TAMPA — A few years ago, Mearlin Griffin was at her dentist's office, all set to have a tooth extracted.
"I was sitting in the chair and before they numbed me up they took my blood pressure," she recalled. "I was shocked that it was high. Too high."
She felt fine, but accepted her periodontist's recommendation that she get her blood pressure resolved before having the tooth pulled.
Many people think dentists are only interested in teeth and gums. The idea of a dentist asking about blood pressure and medical history may surprise some.
But the state of your mouth can say a lot about your general health. Oral problems like plaque can affect the rest of your body. Medications like diuretics and antihistamines that dry out your mouth can lead to dental problems. Diseases like diabetes that lower resistance to infection can affect dental health.
What's the big deal with blood pressure?
For starters, it's known as the "silent killer" because lots of people don't even know they have it. The U.S. Centers for Disease Control estimates about 30 percent of us have high blood pressure, yet fewer than half have it under control with diet, exercise and medications.
Let's say, like Griffin, you're having a tooth pulled. The local anesthetic used to block pain and control bleeding often contains epinephrine, a drug that may also cause a rapid rise in heart rate. If your blood pressure is already high, epinephrine might put you at risk for a heart attack.
Dr. Terry Bruckenheimer, president of the Florida Dental Association, says questions about medications should be routine at all dental visits. "The bigger and the longer the procedure, the more likely you are to have your blood pressure taken, too," said Bruckenheimer, who practices general dentistry in Tampa.
And your dentist wants to know about over-the-counter medications as much as the prescription drugs you take.
If you're having multiple teeth pulled or implants placed, your dentist needs to know if you are on blood thinners, such as Coumadin, or even an over-the-counter pain reliever, since they, too, can lead to excessive bleeding during and after the procedure.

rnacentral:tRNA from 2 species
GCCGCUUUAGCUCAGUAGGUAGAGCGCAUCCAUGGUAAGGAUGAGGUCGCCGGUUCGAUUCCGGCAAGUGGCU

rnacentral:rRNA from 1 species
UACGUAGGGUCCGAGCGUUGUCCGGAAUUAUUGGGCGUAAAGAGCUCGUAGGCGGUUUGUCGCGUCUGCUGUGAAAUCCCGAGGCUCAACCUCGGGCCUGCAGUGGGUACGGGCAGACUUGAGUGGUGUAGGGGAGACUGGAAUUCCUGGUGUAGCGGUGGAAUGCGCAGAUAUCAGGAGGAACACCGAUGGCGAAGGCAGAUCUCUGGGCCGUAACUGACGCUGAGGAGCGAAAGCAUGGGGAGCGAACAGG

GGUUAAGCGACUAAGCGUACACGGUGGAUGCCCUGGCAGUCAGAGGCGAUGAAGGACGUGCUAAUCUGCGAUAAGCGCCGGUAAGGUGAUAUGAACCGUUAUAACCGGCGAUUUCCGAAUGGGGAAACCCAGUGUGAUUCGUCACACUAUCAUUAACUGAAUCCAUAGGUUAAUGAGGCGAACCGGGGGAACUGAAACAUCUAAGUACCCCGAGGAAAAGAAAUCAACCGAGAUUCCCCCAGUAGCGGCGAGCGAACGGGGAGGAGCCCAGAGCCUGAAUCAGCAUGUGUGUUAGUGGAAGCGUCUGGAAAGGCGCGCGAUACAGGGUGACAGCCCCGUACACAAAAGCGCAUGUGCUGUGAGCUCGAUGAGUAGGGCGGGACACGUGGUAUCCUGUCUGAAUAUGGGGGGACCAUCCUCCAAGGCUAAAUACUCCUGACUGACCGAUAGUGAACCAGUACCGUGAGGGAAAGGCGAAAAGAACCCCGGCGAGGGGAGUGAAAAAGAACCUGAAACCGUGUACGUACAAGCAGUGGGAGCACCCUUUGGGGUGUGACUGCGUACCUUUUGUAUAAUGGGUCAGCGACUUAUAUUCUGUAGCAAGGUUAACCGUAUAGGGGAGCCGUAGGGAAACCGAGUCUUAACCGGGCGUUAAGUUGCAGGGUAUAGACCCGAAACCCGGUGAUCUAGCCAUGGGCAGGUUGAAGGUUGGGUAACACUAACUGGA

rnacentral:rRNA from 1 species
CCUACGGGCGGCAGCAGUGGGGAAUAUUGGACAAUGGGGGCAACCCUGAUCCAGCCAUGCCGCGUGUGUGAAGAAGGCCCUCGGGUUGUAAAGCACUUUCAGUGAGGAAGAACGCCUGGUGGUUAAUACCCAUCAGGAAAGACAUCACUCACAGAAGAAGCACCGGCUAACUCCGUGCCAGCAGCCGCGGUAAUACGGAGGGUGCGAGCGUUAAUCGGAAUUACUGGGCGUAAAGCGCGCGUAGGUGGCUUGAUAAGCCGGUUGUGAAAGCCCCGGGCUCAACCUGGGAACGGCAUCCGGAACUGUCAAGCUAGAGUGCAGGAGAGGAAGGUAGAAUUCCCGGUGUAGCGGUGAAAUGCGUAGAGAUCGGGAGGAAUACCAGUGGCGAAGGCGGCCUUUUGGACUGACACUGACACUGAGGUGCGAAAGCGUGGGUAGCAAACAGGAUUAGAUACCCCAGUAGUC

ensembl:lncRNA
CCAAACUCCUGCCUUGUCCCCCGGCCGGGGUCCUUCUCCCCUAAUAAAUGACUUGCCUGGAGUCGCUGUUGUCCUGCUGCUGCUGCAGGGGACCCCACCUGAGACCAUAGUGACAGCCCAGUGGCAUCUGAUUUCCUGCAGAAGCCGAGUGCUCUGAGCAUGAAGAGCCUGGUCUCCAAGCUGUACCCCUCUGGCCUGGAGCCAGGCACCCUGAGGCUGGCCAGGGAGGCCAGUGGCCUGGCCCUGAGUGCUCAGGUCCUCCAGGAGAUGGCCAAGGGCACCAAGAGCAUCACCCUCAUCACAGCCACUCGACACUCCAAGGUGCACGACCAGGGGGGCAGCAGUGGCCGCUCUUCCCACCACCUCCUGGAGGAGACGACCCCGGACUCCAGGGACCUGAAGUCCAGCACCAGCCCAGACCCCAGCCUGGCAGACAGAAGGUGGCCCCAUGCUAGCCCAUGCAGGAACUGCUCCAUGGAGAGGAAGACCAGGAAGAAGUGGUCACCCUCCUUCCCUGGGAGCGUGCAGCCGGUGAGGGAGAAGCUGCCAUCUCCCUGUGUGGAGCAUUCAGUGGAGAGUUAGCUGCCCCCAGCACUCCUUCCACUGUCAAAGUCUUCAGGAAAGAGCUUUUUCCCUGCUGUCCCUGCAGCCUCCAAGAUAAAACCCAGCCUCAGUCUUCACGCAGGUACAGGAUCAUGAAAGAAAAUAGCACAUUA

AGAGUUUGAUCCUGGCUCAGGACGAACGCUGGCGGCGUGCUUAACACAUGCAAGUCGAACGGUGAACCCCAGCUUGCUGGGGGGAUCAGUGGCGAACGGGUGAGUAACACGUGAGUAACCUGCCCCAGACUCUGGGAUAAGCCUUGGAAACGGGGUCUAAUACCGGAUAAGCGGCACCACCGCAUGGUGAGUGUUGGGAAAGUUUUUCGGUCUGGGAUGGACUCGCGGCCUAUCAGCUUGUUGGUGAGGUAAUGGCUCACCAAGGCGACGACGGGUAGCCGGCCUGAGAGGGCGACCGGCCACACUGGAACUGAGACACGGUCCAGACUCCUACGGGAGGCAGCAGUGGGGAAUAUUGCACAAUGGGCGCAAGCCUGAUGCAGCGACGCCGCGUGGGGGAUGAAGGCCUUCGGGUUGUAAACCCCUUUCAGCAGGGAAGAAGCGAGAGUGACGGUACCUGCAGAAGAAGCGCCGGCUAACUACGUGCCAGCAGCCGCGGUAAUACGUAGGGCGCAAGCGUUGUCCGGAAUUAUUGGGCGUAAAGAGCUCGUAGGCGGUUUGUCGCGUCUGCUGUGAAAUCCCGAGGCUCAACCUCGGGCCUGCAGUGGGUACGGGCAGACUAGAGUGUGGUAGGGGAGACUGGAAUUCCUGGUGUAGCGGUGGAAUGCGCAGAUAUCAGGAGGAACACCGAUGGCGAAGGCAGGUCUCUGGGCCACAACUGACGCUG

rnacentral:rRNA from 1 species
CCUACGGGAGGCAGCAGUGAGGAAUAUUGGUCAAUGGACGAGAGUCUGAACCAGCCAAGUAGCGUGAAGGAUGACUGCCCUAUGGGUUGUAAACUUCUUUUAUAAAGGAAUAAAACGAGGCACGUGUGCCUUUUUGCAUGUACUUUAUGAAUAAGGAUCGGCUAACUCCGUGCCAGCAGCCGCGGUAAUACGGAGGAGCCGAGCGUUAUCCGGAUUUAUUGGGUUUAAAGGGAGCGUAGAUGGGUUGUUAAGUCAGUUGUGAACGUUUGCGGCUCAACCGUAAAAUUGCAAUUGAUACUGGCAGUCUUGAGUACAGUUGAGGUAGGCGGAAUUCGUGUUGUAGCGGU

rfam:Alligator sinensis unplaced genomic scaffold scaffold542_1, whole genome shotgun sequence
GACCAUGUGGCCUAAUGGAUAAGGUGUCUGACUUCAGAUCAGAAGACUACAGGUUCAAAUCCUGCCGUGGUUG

"I can't imagine not taking blood pressure," said Dr. Patrick Johnson, president of the Hillsborough County Dental Association and a periodontist in Tampa who takes care of Griffin. Sometimes he uncovers undiagnosed hypertension, and sometimes his findings provide the nudge a patient needs to begin taking their blood pressure seriously.
When he told Griffin her pressure was up, she was surprised, in no small part because she already was taking blood pressure medication.
She called her physician, who adjusted her medication. The following week, she had the extraction in Johnson's office.
How high is too high when it comes to dental procedures? Bruckenheimer says there is no formal policy, but most dentists follow American Heart Association guidelines, which call for a blood pressure below 120/80. But he points out that slightly elevated blood pressure or prehypertension — in the range of 120-139 over 80-90 — wouldn't "cause problems with dental procedures and anesthesia."
Also, he noted, sometimes blood pressure is elevated because of an oral infection. "Removal of an infected tooth and/or abscess will most likely allow blood pressure to get back to normal, especially if it's causing pain," he said. "So judgment is required to weigh the pros and cons."
For patients with unpredictable heart conditions like unstable angina or chest pain, a dental procedure may have to be done in a hospital or office that has cardiac monitoring equipment. All dentists in Florida are required to have a working automated external defibrillator, or AED, to revive patients who go into cardiac arrest.
If the dental procedure can't wait for blood pressure to be brought under control, sometimes another anesthesia can be substituted. "If I have somebody we know has heart issues, we can choose an anesthetic that doesn't have epinephrine," Johnson said. "It may not begin working as quickly or last as long, but we can adjust for that and still have a successful procedure."
Postponements due to a patient's blood pressure are rare. In almost 20 years, Johnson has had to postpone perhaps five procedures. Bruckenheimer has seen it happen about 10 times in 34 years.
"The purpose is not to turn people away," Bruckenheimer said, "it's to make the procedure as safe as possible."